Out & About: DaPonte String Quartet opens season

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As the calendar flips to November, virtually all the region’s performing, producing and presenting organizations are into their 2017-2018 seasons. The last two off the mark are the DaPonte String Quartet and the Oratorio Chorale, both of get going on Saturday.

The DaPontes plan five performances of a three-piece program in five venues spread between Portland and Rockport.

The Oratorio Chorale opens its 2017-2018 season on Saturday and Sunday with two performances of George Frideric Handel’s “Messiah” in Portland and Brunswick.

Simon Shaheen, an Israeli-born Arab-American, is a master of the oud. Portland Ovations hosts him for a concert on Friday.

Saxophone professor Barry Saunders will be the featured artist this Friday at the University of Southern Maine School of Music in Gorham.

DaPonte String Quartet

Maine’s busiest classical string quartet will open its 2017-2018 season this weekend with five performances of a program of three pieces that represent different countries and disparate styles.

Busiest? The DaPonte String Quartet plays about 50 dates per year in Maine, including a three-program fall-winter-spring series and a separate summer season. The four musicians – violinists Dino Liva and Lydia Forbes, violist Kirsten Monke and cellist Myles Jordan – also play a number of special programs in schools and libraries. Liva and Jordan are founding members, beginning in the early 1990s in Philadelphia and moving to Maine a few years later. I have been a DSQ regular at for almost two decades.

Three string quartets are on the program. The first is by Wolfgang Amadeus Mozart, an epitome of the Austrian-Viennese Classical school. Liva characterizes this as “introspective.” The second item on the program is by Bela Bartok, a 20th-century Hungarian composer. The concluding piece is by Johannes Brahms, representing the apex of German Romanticism.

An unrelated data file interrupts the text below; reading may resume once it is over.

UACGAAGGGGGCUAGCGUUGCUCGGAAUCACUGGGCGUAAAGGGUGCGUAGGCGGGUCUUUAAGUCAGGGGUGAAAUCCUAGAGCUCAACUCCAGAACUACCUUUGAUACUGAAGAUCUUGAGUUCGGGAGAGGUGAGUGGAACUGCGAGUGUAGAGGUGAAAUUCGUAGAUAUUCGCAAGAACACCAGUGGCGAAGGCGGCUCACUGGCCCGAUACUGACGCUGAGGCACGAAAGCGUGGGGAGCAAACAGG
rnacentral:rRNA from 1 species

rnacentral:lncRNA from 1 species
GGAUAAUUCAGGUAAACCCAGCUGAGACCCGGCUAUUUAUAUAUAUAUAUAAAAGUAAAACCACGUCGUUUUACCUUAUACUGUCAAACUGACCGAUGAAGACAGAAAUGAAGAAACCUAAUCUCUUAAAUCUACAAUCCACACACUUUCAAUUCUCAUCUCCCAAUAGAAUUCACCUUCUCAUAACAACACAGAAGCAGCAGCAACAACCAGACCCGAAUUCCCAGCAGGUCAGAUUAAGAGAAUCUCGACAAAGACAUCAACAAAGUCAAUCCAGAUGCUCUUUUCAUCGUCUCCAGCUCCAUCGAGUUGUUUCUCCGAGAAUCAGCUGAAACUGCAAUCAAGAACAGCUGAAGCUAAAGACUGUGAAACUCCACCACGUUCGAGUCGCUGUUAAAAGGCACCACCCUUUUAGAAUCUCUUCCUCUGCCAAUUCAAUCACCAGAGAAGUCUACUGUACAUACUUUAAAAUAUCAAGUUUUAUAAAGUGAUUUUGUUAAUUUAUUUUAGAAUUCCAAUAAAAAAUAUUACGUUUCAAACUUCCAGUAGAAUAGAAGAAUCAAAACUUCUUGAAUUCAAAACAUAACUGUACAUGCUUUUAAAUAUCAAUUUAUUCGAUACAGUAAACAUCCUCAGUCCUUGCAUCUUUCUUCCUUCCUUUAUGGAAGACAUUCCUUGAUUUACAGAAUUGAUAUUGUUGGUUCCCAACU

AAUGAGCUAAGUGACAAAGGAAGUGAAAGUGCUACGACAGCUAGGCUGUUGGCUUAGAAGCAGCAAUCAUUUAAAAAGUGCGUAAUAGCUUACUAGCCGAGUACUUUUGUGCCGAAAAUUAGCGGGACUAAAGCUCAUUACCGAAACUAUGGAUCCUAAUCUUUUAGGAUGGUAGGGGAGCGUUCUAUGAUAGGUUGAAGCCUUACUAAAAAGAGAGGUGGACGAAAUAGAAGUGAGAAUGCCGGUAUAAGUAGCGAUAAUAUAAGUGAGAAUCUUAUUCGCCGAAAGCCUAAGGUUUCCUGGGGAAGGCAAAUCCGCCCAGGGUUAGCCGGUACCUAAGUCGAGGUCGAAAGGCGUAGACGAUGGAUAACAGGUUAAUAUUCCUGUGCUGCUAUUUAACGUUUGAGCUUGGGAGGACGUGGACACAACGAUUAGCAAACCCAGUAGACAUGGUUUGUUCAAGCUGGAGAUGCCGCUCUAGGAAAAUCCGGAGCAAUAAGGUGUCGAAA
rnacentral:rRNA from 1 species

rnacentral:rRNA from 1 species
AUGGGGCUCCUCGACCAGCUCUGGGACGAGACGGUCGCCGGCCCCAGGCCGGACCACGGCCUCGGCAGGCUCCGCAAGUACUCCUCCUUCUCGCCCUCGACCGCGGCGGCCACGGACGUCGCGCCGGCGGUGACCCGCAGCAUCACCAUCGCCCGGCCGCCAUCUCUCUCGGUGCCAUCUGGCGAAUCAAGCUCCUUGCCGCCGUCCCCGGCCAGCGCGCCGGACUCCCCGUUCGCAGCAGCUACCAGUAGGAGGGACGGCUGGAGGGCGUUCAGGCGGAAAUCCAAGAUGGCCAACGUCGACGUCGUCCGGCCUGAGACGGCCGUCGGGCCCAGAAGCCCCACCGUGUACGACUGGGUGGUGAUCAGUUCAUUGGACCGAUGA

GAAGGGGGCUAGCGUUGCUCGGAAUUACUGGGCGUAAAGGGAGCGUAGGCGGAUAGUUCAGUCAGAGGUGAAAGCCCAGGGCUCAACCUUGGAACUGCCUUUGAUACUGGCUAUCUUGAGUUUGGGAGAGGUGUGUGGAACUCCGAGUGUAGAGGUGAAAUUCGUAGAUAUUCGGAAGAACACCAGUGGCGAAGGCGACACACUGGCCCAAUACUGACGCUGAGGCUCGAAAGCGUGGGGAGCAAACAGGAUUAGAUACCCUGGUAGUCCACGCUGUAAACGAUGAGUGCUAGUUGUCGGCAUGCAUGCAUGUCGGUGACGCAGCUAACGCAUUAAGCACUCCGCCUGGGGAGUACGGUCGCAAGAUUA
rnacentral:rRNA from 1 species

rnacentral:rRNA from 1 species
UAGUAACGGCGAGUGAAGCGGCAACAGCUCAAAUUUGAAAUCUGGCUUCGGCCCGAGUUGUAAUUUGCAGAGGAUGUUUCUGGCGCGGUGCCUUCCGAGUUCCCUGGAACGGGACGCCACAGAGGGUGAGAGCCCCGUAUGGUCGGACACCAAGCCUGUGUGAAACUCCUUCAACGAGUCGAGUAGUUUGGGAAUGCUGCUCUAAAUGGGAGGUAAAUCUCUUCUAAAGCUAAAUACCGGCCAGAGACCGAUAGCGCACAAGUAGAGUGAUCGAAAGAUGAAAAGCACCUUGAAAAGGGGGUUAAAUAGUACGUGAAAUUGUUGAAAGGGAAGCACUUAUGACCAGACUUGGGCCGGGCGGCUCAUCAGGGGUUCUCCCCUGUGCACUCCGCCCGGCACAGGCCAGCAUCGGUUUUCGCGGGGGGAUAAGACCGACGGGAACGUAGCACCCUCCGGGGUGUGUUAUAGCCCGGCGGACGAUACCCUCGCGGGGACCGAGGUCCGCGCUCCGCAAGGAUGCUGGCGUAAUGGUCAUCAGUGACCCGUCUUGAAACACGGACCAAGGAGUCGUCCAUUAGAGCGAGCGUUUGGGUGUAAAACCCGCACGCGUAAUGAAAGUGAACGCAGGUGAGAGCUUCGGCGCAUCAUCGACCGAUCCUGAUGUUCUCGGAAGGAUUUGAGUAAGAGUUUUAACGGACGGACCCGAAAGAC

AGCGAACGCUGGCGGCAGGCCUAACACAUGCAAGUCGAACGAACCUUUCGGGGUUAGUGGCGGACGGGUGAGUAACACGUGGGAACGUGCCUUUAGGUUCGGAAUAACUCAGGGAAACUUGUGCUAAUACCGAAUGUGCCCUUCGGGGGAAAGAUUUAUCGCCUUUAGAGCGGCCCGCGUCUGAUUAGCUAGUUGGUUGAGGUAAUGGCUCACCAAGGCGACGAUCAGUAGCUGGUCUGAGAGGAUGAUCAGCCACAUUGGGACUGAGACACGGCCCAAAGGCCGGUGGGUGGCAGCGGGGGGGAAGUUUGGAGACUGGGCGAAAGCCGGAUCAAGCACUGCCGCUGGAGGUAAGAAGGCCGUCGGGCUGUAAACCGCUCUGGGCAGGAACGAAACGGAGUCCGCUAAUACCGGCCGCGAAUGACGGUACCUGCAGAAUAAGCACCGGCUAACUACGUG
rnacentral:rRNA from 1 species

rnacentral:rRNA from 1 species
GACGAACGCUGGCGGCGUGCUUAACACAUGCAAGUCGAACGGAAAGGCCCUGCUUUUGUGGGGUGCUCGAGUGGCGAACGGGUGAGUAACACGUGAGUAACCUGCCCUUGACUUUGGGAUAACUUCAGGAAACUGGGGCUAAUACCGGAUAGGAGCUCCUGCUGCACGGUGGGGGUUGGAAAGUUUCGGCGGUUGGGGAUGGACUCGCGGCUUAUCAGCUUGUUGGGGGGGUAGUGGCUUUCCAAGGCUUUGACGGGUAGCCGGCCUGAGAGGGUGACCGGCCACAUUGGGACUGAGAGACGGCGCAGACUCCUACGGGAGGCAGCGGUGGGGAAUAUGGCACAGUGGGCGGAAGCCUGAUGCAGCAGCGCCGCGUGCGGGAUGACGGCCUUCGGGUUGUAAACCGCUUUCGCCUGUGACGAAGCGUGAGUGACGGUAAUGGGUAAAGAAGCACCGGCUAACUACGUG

Five performances are scheduled: Nov. 4 at 4 p.m. at St. Columba’s Church, 32 Emery Lane in Boothbay Harbor, Nov. 5 at 3 p.m. at the Lincoln Theater, 2 Theater St. in Damariscotta, Nov. 9 at 7:30 p.m. at the Maine Jewish Museum, 267 Congress St. in Portland, Nov. 10 at 7 p.m. at the Rockport Opera House, 6 Central St. in Rockport, and Nov. 12 at 3 p.m. at the Unitarian Church, 15 Pleasant St. in Brunswick. Call 529-4555.

Oratorio Chorale

The best-known choral work of the Baroque tradition comprises the first program for the Oratorio Chorale’s 2017-2018 season, which launches this Saturday and Sunday. The piece is George Frideric Handel’s “Messiah,” a huge work in three major subdivisions and 52 subsections, scored for four soloists, chorus and small orchestra. The performance will be conducted by artistic director Emily Isaacson.

“Messiah” has the distinction of being the oldest work of music to be presented every year since its first performance. For 275 years, Handel’s masterpiece has been performed at least once, and it is now heard hundreds of times annually around the globe. Most often it is scheduled around Christmas, but Handel conducted its premiere at Easter and it’s occasionally performed at other times as well.

The libretto, centered on Jesus Christ, is 100 percent biblical text, selected from the King James Authorized Version and submitted to the composer by Charles Jennens. Handel himself continually revised the work during his lifetime, and numerous musicologists agree that there is no single “authentic” version.